1 Corinthians 2:11 completes the teaching on Trinitarian knowledge and revelation. Jesus taught that he alone had knowledge of the Father and He alone could give that knowledge to others. Paul proclaims that the Spirit alone has knowledge of the Father and the Spirit alone communicates that knowledge to others.

We are left with two options: either Jesus or Paul—and therefore Scripture as a whole—are wrong; or, we are led onward to accept the orthodox teaching of the Trinity. What the Father has in his essence, the Son knows and has in his essence. What the Father has in his essence, the Spirit knows and has in his essence. God is one in essence, three in persons. Such knowledge of God—yea, any and all knowledge of God—is only given to and received by those children God himself wills to reveal himself.

If you know anything of the Father, Son, and Holy Spirit, it is only because God has chosen to bless you with such knowledge. Who will not humble tremble before such an awesome gift?

The Trinity in Scripture: Luke 1 (Part 3)

And when Elizabeth heard the greeting of Mary, the baby leaped in her womb. And Elizabeth was filled with the Holy Spirit, and she exclaimed with a loud cry, “Blessed are you among women, and blessed is the fruit of your womb! And why is this granted to me that the mother of my Lord should come to me? For behold, when the sound of your greeting came to my ears, the baby in my womb leaped for joy. And blessed is she who believed that there would be a fulfillment of what was spoken to her from the Lord.” Luke 1:41-45

Luke follows the Trinitarian account of the annunciation with a Trinitarian celebration of the annunciation. Soon after the angel gave the good news to Mary, she ran quickly to share the news with her relative Elizabeth. Like any woman who receives such news she has to share!

In the annunciation to Mary (1:35), each person of the Trinity is declared to be involved in the conception of Jesus. Now, each person of the Trinity is mentioned in the confirmation of the good news Mary has received. The Holy Spirit fills Elizabeth to worship the Father for what he is doing in the giving of his Son. Herein is one of the significant aspects of this passage.

There is a necessary gap between the “biblical theology”—what the Bible specifically states—of the Trinity and what would become the orthodox “systematic theology”—what the Bible necessarily intends—of the Trinity. Since every heretic has his text(s), the battle for orthodoxy was as much about what the Bible means as what it says. This passage in Luke points toward certain dogmatic truths the church fathers would elaborate upon and perpetuate.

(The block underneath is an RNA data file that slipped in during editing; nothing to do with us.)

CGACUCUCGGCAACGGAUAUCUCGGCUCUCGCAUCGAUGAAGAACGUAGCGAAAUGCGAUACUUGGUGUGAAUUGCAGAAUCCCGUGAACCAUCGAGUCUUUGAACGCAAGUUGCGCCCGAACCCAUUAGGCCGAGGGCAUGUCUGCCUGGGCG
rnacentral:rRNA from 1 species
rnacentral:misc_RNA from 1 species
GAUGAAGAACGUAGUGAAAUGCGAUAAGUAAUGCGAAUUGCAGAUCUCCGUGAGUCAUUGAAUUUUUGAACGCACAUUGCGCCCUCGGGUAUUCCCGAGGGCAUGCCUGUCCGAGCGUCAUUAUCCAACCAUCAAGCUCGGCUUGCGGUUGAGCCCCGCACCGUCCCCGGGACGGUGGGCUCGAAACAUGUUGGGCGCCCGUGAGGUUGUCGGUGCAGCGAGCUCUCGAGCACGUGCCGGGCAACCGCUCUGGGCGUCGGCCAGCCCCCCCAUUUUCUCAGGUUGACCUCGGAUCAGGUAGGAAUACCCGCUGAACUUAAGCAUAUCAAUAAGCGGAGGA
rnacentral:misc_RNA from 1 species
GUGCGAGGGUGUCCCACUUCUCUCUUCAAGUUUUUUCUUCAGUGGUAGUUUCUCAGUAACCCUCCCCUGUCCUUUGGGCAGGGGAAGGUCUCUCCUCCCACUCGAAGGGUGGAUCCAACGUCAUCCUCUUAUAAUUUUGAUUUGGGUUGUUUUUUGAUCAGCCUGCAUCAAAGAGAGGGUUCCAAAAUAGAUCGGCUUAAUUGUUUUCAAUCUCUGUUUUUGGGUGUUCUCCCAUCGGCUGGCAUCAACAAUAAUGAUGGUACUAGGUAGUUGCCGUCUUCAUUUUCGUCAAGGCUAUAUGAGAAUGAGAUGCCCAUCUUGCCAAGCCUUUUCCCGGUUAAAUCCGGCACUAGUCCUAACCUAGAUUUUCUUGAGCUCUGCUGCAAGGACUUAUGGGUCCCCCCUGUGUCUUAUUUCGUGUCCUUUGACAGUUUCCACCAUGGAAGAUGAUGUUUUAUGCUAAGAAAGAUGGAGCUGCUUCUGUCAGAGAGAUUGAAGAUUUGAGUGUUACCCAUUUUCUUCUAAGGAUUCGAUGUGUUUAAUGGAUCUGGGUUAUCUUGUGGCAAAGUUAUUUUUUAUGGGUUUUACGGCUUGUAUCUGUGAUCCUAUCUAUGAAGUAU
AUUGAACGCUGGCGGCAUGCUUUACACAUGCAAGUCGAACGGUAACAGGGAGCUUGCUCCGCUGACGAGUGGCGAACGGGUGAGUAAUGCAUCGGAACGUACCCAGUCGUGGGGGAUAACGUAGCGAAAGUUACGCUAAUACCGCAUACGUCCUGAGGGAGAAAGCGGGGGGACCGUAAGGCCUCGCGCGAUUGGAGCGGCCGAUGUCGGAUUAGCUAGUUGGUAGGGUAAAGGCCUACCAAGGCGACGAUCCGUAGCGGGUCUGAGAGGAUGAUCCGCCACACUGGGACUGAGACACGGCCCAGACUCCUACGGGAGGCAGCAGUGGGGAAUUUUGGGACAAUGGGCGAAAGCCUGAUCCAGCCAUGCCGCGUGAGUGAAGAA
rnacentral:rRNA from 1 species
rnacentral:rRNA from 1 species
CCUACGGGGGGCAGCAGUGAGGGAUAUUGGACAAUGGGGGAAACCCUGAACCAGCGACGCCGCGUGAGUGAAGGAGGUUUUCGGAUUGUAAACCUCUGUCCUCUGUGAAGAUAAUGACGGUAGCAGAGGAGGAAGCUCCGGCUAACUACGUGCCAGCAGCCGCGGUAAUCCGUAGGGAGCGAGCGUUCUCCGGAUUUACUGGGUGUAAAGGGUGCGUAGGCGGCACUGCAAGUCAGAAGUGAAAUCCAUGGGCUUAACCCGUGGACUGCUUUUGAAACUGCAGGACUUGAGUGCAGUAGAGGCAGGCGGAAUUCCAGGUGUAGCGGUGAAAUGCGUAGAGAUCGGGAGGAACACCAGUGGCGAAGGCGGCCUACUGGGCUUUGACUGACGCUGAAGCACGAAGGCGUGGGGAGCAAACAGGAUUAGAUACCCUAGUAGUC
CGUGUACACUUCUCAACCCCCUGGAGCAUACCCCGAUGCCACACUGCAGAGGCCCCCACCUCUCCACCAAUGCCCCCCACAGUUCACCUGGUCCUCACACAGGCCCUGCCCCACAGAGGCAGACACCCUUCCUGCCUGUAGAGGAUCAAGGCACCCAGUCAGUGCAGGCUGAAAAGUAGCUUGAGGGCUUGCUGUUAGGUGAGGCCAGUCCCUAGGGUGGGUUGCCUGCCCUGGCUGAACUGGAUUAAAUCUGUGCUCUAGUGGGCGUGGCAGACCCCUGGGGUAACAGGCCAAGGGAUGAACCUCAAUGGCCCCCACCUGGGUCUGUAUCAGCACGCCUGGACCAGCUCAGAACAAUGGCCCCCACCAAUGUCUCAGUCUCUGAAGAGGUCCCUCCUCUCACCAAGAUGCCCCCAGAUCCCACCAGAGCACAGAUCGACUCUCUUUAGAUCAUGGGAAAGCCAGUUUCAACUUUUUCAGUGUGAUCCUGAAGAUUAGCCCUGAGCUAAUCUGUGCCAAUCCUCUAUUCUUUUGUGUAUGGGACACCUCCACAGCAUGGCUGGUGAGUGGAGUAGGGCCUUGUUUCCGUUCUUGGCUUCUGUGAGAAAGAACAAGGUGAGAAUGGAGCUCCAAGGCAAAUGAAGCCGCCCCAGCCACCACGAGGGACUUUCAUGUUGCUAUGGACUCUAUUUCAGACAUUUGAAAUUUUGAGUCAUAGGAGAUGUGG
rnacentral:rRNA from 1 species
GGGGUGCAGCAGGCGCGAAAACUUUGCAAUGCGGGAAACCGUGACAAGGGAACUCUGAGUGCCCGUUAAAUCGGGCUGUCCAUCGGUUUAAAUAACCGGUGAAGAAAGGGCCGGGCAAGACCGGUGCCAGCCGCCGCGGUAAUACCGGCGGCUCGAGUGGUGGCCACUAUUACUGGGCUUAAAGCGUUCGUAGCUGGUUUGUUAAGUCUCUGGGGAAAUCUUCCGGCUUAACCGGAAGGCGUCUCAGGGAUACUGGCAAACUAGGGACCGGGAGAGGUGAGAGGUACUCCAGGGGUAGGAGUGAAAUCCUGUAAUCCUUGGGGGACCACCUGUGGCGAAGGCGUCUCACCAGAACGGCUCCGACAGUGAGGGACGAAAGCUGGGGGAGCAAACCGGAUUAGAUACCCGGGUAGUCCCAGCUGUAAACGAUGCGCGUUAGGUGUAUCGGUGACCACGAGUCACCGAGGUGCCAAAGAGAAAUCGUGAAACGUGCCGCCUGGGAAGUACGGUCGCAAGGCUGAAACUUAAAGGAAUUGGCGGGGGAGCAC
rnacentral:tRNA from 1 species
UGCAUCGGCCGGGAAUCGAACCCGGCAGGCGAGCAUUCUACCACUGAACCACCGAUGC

First, there is a distinction in the actions of each person. The pattern seen in these few verses fits into the larger teaching concerning the customary actions or roles each member of the Trinity performs. The Father is plans and declares what will be so (1:45). The Son carries out the decrees of the Father and is the ladder between heaven and earth (1:43-44). The Holy Spirit opens the eyes of God’s people to His acts of gracious mercy in Christ and empowers them to respond appropriate worship and obedience (1:41-42).

Secondly, there is a unity in the persons. In verse 43, the Son is called “Lord.” In verse 45, the Father is called “Lord.” As Jesus himself would state, no man can serve two masters. Yet if the record of Luke is to be trusted, here we have an Old Testament saint calling the God of Israel and his as yet unborn Son, “Lord.” She does not do this in a moment of pre-partum euphoria. She is not speaking as a confused simpleton. Her declaration is a direct response to the work of the Holy Spirit. As such, it has all of the authority anything Moses, David, or Isaiah ever prophesied. The work of the Holy Spirit provokes people to acknowledge the Father and Son are both Lord while still proclaiming there is only One Lord.

The Trinity in Scripture: Luke 1 (Part 2)

Luke continues to present the work of the Trinity in preparation of the incarnation:

And his father Zechariah was filled with the Holy Spirit and prophesied, saying, “Blessed be the Lord God of Israel, for he has visited and redeemed his people and has raised up a horn of salvation for us in the house of his servant David, as he spoke by the mouth of his holy prophets from of old, that we should be saved from our enemies and from the hand of all who hate us; to show the mercy promised to our fathers and to remember his holy covenant, the oath that he swore to our father Abraham, to grant us that we, being delivered from the hand of our enemies, might serve him without fear, in holiness and righteousness before him all our days. And you, child, will be called the prophet of the Most High; for you will go before the Lord to prepare his ways, to give knowledge of salvation to his people in the forgiveness of their sins, because of the tender mercy of our God, whereby the sunrise shall visit us from on high to give light to those who sit in darkness and in the shadow of death, to guide our feet into the way of peace.” Luke 1:67-79